This week the European Commission published its review of the 2015 European Agenda on Migration and presented new initiatives in three key areas: EU resettlement, legal migration and return.

In regard to relocation and resettlement, priority is given to the relocation of the remaining asylum seekers under the previous relocation scheme which came to an end this Tuesday, while the Commission is ready to financially support relocation efforts beyond the current schemes. 29,000 out of an agreed number of 37,000 people have been relocated under the scheme so far. However, the relocation process was characterized by a partially artificial and informal reduction of numerical relocation targets, as highlighted in ECRE Policy’s Note on relocation. Under the Second Relocation Decision of 22 September 2015, the initial number of people to be relocated was 120.000.  On resettlement, the Commission has set aside € 500m to support Member States’ in their resettlement efforts, with an increased focus on resettlement of people from North Africa and the Horn of Africa. The Commission further supports the setting up of private sponsorship schemes, to which end it has invited EASO to set up a pilot project, and emphasises needs-based economic migration,  on which it is proposing to coordinate and financially support pilot projects for legal migration with third countries.

In the area of returns, the Commission proposes to transform the current return Unit of the European Border and Coast Guard Agency into a Return Department which should proactively initiate return operations, stating that an EU return rate of 36% in 2014 – 2015 is unsatisfactory. The Agency should develop operational plans by mid-2018 with concrete return objectives to be achieved by each Member State. The Commission further proposes that the Agency should also design pilot projects developing and testing new types of joint returns. The Commission urges Member States to streamline their national return systems to support cooperation and states that the hotspot approach should be used to facilitate return when there are surges in arrivals.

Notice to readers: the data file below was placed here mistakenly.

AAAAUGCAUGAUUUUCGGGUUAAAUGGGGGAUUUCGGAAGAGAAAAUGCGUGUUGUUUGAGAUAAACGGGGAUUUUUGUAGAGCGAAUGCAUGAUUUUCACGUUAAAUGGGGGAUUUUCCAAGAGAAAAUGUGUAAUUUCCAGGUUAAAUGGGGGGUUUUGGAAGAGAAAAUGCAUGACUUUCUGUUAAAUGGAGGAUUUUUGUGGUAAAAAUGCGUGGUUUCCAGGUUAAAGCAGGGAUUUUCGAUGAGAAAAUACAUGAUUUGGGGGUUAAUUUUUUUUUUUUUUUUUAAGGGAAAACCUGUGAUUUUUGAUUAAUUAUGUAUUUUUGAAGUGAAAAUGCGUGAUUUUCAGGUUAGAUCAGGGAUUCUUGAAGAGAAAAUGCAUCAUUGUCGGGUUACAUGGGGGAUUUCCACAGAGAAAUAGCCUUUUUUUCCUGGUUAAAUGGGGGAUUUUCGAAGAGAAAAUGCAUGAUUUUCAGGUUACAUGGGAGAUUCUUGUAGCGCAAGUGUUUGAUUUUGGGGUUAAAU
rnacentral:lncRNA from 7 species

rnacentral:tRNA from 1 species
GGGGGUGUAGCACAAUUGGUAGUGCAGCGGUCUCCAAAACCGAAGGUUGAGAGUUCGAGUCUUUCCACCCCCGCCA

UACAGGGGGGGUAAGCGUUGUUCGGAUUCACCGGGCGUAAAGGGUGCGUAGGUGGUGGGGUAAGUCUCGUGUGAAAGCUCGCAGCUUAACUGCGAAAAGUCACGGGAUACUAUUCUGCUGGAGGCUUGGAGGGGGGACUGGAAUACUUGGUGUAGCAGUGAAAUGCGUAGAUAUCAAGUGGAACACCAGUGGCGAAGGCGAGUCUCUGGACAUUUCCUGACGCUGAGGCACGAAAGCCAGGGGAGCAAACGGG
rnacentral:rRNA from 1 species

Finally, externalisation efforts are seen of continued importance. The Commission lays out that the EU Trust Fund for Africa should be further strengthened, in particular the North African Window, the continuation of the joint work along the Central Mediterranean Route and finally continued efforts to achieve an ambitious UN Global Compact for Safe, Orderly and Regular Migration.


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Photo: (cc) European External Action Service, November 2014